"Whoopsie!"—Christopher Hitchens, December 16, 2011
A week ago, Salon published a story I wrote about returning to a Creationist museum my parents took me to when I was very young. The article was not mean-spirited or contemptuous; it was mostly about an atheist looking back honestly and nonjudgmentally at his religious past and religious family. I was just trying to talk about Christianity without adopting the tone of offended arrogance that so many non-Christians use when they’re discussing fundamentalists. To be clear: I wasn’t defending Creationists; I just didn’t want to be a giant dick.
Of course, plenty of other people were willing to be giant dicks. As soon as the piece was published, the comments section erupted in overwrought, hoity-toity, exasperating rhetoric, as people made fun of Creationists for being ignorant and blamed the people I mentioned in the articles for everything evil done in the name of Christianity.
Here are a few choice quotes:
“I hear Betty and Barney are especially lifelike in their display.”
“It is certainly interesting that while George Bush claimed (incorrectly, I believe) they hate us for our freedoms, large swathes of the US population are actually just as primitive in their thinking as the simplest tribesmen in the mountains of Afghanistan and are held there by a wealthy priesthood class who exploit their gullability. [sic]”
“It's a dangerous thing to show respect to beliefs and ideas that don't deserve it. For example, Christianity. Christianity is not only responsible for the murder of millions of people over the centuries, it's responsible for children being killed by ‘faith-healing’ today.” [He then linked to his website, because why not?]
Never mind that I wasn’t exposing Christianity or even endorsing it—if you say something as mild as “Hey, here are some Christians practicing their faith; that’s not really a bad thing” you’ll get mobbed by a group of people who are quickly becoming the most annoying demographic on the internet. I speak of a subtype of militant atheists who I’ll call the “Reddit Atheists.” These are the folks who have, ironically, adopted the attitudes of hardcore evangelicals who try to convert strangers on subway platforms—it’s not enough for them that they don’t believe in God, they want to make sure you don’t believe in God either. Just by being themselves, they make the best case against humanism.
If you want to find out why I call these guys Reddit Atheists, take a brief dip into the atheism subreddit. It is a place entirely defined by bitter, faux-enlightened young people sharing “thought-provoking” images about the horrific evils of religion (in practice, pretty much just Christianity) and congratulating each other for being “enlightened.” The site was originally intended to be a place where people talk about atheistic ideas, but as is Reddit’s depressing trend, it soon devolved into a swampy mess of endless, banal clichés, memes, and general anti-intellectualism. It actually rivals Creationism in terms of having a narrow worldview. They’ve actually had a campaign where they would write “once upon a time” on the first page of every Bible they found in hotels, which is probably the lamest form of vandalism ever.
Reddit Atheism isn’t about philosophy or even adult conversation; it’s about getting riled up into a frothing-at-the-mouth ideological stupor so you can feel guiltlessly self-righteous for the rest of the day. In all of my trips to r/atheism, I’ve never seen anyone post anything written in a measured tone. If you need more proof, take a look at these fine examples of even-keeled insight. I’m going to go out on a limb here, but I don’t think Ludwig Feuerbach would be proud.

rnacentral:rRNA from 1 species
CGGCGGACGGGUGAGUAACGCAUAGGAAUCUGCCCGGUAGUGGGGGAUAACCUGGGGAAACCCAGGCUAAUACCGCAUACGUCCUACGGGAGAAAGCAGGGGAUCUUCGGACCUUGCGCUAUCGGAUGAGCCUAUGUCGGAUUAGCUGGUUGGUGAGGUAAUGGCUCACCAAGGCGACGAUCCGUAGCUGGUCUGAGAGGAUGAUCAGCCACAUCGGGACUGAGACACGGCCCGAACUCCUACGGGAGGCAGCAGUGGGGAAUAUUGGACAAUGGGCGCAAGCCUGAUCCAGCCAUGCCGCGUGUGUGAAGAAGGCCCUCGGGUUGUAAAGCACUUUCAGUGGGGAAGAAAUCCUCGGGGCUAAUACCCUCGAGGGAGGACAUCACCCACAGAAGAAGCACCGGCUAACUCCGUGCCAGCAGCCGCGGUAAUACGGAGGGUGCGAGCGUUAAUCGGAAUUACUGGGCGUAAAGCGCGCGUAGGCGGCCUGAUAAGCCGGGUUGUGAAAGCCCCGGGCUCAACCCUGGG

But listen, I totally get it. If I were 15 when r/atheism was around, I’d probably live in this dark corner of the internet. When you hit that phase where you’re just starting to read grown-up stuff and you become convinced everyone else is a moron, it’s really easy to hate organized religion with a passion and assume that people with faith have just failed to think things through. Then you grow up a little bit by becoming more self-aware and maybe getting away from some of the more odious religious people you knew as a kid—eventually, you get to a place where you can hear someone say, “I’ll pray for you” and simply say, “Thank you,” instead of being a total shit about it. That is, unless you end up making a career out of “debating” religious people, a la Christopher Hitchens or Richard Dawkins. (By the way, what is more arrogant than assuming someone can be reasoned into abandoning their faith?)
Defining your life by volatile antitheism—in other words, clinging to something you don’t believe in—isn’t just annoying, it’s actually pretty backward, and, in some cases, culturally malignant. For a demographic that spits a lot of game about equality and mobility, they sure love lording their “intellect” over anyone who dares to think differently. The atheism subreddit gets off on feeling superior to other people; it’s not about ideas or truth, they’d rather thrive on that faux-scholar buzz. That’s why Dawkins is their fire-and-brimstone pin-up boy. That’s why they screencap Facebook updates from their religious “friends” so they can laugh at all the plebeians from their pretty little perch. There’s no respect or pragmatism, just bottomless, never-ending hate.
At a certain point you have to ask: Has hate ever led to anything progressive? Do the Reddit Atheists actually think they’re changing the world? Judging by their arrogance I wouldn’t doubt it. There’s an effective way to spread knowledge, and this isn’t it. Obviously the r/atheism brotherhood is mostly harmless, but I think I speak for everyone else in the world when I say: Guys, shut the fuck up for a second, please. Whatever problem you think you’re solving by your shitty rage comics and rants, you’re not.
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